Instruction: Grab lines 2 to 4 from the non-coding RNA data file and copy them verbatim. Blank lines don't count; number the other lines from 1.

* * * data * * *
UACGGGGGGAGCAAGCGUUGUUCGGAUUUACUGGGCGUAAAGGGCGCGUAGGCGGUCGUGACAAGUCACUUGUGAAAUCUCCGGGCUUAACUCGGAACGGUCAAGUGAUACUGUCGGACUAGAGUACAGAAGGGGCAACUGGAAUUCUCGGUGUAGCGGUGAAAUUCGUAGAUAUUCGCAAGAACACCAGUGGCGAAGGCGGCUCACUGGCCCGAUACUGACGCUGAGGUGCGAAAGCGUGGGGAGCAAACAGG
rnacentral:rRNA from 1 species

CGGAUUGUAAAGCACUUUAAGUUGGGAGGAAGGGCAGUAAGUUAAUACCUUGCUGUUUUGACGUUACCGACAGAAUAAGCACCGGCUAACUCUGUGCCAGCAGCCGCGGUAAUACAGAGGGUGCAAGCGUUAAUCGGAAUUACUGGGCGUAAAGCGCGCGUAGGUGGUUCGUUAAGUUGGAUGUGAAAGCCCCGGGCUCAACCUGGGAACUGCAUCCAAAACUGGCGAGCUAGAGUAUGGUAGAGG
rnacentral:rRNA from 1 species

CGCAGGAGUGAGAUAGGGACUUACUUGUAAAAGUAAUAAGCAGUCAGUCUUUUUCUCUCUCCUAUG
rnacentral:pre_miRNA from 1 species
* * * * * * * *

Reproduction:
rnacentral:rRNA from 1 species

CGGAUUGUAAAGCACUUUAAGUUGGGAGGAAGGGCAGUAAGUUAAUACCUUGCUGUUUUGACGUUACCGACAGAAUAAGCACCGGCUAACUCUGUGCCAGCAGCCGCGGUAAUACAGAGGGUGCAAGCGUUAAUCGGAAUUACUGGGCGUAAAGCGCGCGUAGGUGGUUCGUUAAGUUGGAUGUGAAAGCCCCGGGCUCAACCUGGGAACUGCAUCCAAAACUGGCGAGCUAGAGUAUGGUAGAGG
rnacentral:rRNA from 1 species